More than half of consumers believe that the government should be able to access encrypted files in the interest of safety, even though four out of five consider privacy to be a fundamental right, according to research released this week by Open-Xchange. The Consumer Openness Index 2016 (PDF) shows consumers have stronger opinions about privacy than last year, yet only one in five use email encryption.
While Germans are twice as likely as Americans to use email encryption, and three times as likely as those in the UK, around half of respondents in each country said that it was “too complicated” or that “there aren’t enough easy ways to incorporate it.”
The survey of 3,000 Internet users in the US, UK, and Germany showed that compared to 2015, consumers are more likely to stop using a service associated with a data breach, and the percentage of consumers who believe services like Facebook, Twitter, and Google never have the right to share user data increased.
More than three in five American and British consumers believe those companies should never share data, yet over half of German consumers believe there are cases when sharing user data is within the companies’ rights.
The percentage of consumers who believe they are “extremely good” at protecting the privacy of their personal data fell by 5 percent from 2015, likely indicating better public education of the challenges of data privacy. While many data privacy opinions have become stronger, uncertainty is also a major theme of the survey.
“Half of our respondents think that there isn’t a need to build ‘back doors’ to encryption, because governments will be able to access their data no matter what they do,” said Neil Cook, Chief Security Architect, Open-Xchange. “First, that isn’t true – and second, I don’t think that’s a healthy way to approach this debate.”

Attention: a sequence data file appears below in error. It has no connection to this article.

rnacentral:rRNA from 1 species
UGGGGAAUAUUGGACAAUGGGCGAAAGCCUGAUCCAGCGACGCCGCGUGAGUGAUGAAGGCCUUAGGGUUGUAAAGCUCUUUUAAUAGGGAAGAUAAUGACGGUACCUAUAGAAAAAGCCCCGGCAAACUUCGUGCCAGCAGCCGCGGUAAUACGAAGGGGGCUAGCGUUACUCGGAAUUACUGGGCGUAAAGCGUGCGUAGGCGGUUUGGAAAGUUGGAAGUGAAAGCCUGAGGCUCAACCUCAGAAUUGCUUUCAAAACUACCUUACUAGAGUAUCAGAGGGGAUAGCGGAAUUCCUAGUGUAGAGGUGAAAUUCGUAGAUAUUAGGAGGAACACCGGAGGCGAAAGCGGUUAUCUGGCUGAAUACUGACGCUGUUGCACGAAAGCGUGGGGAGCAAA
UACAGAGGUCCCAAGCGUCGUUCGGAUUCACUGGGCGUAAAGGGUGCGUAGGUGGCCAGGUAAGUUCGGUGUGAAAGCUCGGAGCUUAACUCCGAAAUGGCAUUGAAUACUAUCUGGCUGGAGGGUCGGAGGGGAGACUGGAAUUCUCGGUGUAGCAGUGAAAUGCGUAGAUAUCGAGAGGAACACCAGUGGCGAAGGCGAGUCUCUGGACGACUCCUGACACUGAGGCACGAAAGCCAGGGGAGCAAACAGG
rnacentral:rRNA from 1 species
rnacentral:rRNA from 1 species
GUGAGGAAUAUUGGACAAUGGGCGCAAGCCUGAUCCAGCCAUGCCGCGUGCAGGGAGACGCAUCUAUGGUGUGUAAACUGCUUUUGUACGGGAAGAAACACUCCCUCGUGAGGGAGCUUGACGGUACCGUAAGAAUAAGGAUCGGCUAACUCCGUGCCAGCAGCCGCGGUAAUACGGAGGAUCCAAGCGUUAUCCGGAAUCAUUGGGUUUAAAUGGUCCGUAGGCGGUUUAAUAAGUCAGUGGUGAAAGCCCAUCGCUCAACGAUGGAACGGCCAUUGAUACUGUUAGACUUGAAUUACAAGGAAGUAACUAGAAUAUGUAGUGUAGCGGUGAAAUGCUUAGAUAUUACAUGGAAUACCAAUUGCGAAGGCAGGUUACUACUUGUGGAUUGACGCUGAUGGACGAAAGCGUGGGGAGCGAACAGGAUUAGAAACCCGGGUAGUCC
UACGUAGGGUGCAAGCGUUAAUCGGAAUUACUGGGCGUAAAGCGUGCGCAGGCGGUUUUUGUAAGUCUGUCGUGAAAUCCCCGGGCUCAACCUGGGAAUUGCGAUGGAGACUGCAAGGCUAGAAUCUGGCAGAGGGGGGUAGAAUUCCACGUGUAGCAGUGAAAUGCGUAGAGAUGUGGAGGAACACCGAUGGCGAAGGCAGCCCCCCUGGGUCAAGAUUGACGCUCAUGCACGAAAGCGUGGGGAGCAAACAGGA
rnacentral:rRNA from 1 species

Open-Xchange asked four questions about government “back door” access to encrypted data. With one exception, the largest segment of respondents in all three countries to all four questions was “neither agree nor disagree,” which could indicate neutrality, but could also indicate uncertainty, as those questions did not include a “don’t know” option. The one exception is that slightly more UK respondents asked whether government back doors will enable government officials to access encrypted data “somewhat agree” (41 percent) then “neither agree nor disagree” (37 percent).
In the report Open-Xchange CEO Rafael Laguna reviews some major political and legal events coming in 2016 concerning the data privacy of those surveyed, and urges consumers to pay attention to the important decisions to be made about their data in 2016, especially in the US, where the Presidential election is a reflection of public will.
“(T)his is a year when true leadership in the data privacy debate has the potential to emerge,” Laguna said in a blog post. “It is our joint responsibility to pay attention, voice our opinions and choose the kind of future we want to live in.”
One possible precedent-setting case for encryption laws which the report does not mention was recently revealed by the New York Times; the US Justice Department is reportedly considering action to force WhatsApp to break its end-to-end encryption to provide user data to a criminal investigation.